Posts tagged City of God
On October 1, Brazil celebrated the 10th anniversary of the passage of its Statute of the Elderly, a landmark piece of legislation that consolidates basic rights for Brazilian citizens over the age of 60. With the Statute’s passage, rights to life, health, education, leisure, and respect, among many others, become the shared obligation of families, communities, society, and the government. Advances can be seen in preferential access to public transportation, in the construction of nursing homes, both public and private, and in a crackdown on age-related discrimination in the private health insurance market.
However, implementation has been far too slow and sporadic for many More >
“What is this ‘pacification’ that is coming?” challenged favela residents last Saturday May 11th at a debate on public security in Maré. For weeks, the group of communities has been undergoing daily raids by the BOPE (Special Operations Police Battalion) in a government effort to prepare the area for the installation of the Police Pacifying Units (UPPs). The process includes illegal searches of homes without individual warrants and operations involving helicopters and armored tanks.
“The discourse from the state and from the commercial media [surrounding pacification] is a big lie,” explained Gizele Martins, coordinator and journalist at Maré’s 13-year-old community newspaper O Cidadão. More >
For original article by Fabio Brisolla in Folha de São Paulo, click here.
Nine out of ten residents of the favelas in Rio de Janeiro, under the age of 30, access the World Wide Web. The majority access the Internet on a computer from home and prioritize social media, such as Facebook, when online.
The above statements resulted from research conducted with residents between 15 and 29 years of age, from five different low income areas of Rio de Janeiro: Rocinha (South Zone), City of God (West Zone), Manguinhos (North Zone), Complexo do Alemão and More >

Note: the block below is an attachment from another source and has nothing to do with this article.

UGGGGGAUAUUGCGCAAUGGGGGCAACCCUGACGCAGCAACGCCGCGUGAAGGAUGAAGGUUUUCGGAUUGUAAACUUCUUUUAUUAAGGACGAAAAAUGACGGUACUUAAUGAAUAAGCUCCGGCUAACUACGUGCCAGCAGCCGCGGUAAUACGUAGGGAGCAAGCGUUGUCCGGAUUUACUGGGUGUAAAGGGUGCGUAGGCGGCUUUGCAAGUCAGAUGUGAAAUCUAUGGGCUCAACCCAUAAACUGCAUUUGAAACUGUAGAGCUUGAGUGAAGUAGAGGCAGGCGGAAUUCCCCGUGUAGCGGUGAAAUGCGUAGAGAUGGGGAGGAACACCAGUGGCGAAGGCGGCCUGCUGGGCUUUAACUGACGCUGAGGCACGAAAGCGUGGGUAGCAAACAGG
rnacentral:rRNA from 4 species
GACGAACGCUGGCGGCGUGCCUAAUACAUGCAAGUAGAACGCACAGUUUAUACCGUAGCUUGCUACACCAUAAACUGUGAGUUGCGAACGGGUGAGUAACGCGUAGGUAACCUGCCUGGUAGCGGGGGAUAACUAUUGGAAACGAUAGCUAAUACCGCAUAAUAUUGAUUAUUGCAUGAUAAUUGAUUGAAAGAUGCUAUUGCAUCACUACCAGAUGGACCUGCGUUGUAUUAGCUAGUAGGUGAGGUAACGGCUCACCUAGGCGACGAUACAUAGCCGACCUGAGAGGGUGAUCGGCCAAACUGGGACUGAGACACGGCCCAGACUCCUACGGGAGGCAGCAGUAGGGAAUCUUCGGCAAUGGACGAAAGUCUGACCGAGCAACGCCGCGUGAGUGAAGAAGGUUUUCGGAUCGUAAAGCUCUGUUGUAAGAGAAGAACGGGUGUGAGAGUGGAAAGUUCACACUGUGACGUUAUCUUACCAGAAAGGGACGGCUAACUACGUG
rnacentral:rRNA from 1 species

Housing rights activists today defend the practice of on-site upgrading of informal communities—as opposed to evicting them—on the basis of historic preservation, low-quality compensation housing, residents’ location-based employment, and squatter legislation. In practice, what has caused favela upgrading to come to pass over the years in Rio de Janeiro More >
Non-governmental organizations in Rio’s favelas that work with art, culture, sport and civic engagement provide structures that allow young people to escape a career of crime and, by actively showing that drugs, violence and crime are far from dominant elements in favela culture, challenge dominant stereotypes in mainstream society. These are some of the findings of Underground Sociabilities, an inter-institutional research project from London School of Economics with AfroReggae and CUFA. Sociability refers to the “play-form of social life and the joy and imagination that accompany the experience of the social.”
The study examines favela life and focuses on how bottom-up NGOs can “rewrite More >